Guess what, folks — it’s only three more months till spring, so hang in there, as our weather will improve, now won’t it?
Let’s see, what is there to write about that will draw your attention? Can’t talk about our Patriots, as my column is written before the Super Bowl, so I know what, why not talk a little history about our hometown and how our history repeats itself.
You have probably been reading about the stranded expedition ship stuck in 7 inches of ice in the Arctic, and rescue was made between ice breakers and helicopters. Well, would you believe that the same story was written back in 1881, when a schooner, captained by Adolphus Greely, a Newburyport-born man, who happened to be Army Capt. Greely at that time, and commanded 25 crew members, taking off to a polar expedition in the Arctic for our government but was stranded, not for a couple of weeks, but for three years.
Adolphus (where did that name come from?) was born in Newburyport in 1844, and at the age of 17 joined the Army as a private, fought gallantly in several battles, was wounded and promoted to an officer, ending up as a major general. Following the war, and for some unknown reason, he was given command of a ship and crew, having no seamanship whatsoever. Yes, the ship and crew were stranded and remained in that capacity for nearly three years, with vain attempts to save them.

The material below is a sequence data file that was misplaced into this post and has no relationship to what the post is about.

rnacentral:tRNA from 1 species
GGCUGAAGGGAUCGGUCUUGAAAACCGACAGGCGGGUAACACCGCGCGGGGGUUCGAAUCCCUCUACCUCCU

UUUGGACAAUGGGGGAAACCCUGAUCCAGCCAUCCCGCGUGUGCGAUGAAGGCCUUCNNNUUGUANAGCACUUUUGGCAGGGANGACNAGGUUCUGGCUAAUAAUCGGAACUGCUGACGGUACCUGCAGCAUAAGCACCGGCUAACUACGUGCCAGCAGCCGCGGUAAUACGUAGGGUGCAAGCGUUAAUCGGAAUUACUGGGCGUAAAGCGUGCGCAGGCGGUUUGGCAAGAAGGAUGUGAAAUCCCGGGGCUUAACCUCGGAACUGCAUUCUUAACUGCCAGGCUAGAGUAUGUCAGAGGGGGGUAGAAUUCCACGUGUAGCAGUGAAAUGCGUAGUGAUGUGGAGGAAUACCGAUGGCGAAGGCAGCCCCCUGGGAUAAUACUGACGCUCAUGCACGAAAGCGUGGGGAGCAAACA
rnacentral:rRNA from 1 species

The captain and crew made attempts to survive, but the bulk of the crew died of many ailments. Finally, they were rescued, how, I’m not sure, and received a hero’s welcome in the States as well as Newburyport. It has been said that the captain and crew were near starvation when saved. It was further documented that Capt. Greely was later attached to the Signal Corps and was responsible for setting up communications in various parts of the world. He later became chief of this division and given and rank of major general, as well as receiving the Congressional Medal of Honor. Gen.Greely spent his later years in Washington and died in 1935. His remains are entombed in the Arlington National Cemetery.
To some residents this story may have no impact whatsoever, but to us natives, we pride ourselves in having native-born sons make a mark for themselves by their heroism in war and their contribution in peacetime. Such a man was Adolphus Greely, who was born here, educated here, visited our home here, went to our houses of worship, ate in our restaurants, did his banking here, and walked our streets. Not all cities can boast of such an individual. By the way, back in the ‘60s we in Homecoming honored this hero by having a re-enactment of his triumph return to his hometown. Who played the part? No other than Micky Curran, yup, another native son.
Ralph J. Ayers of Newburyport calls himself a “local yokel.”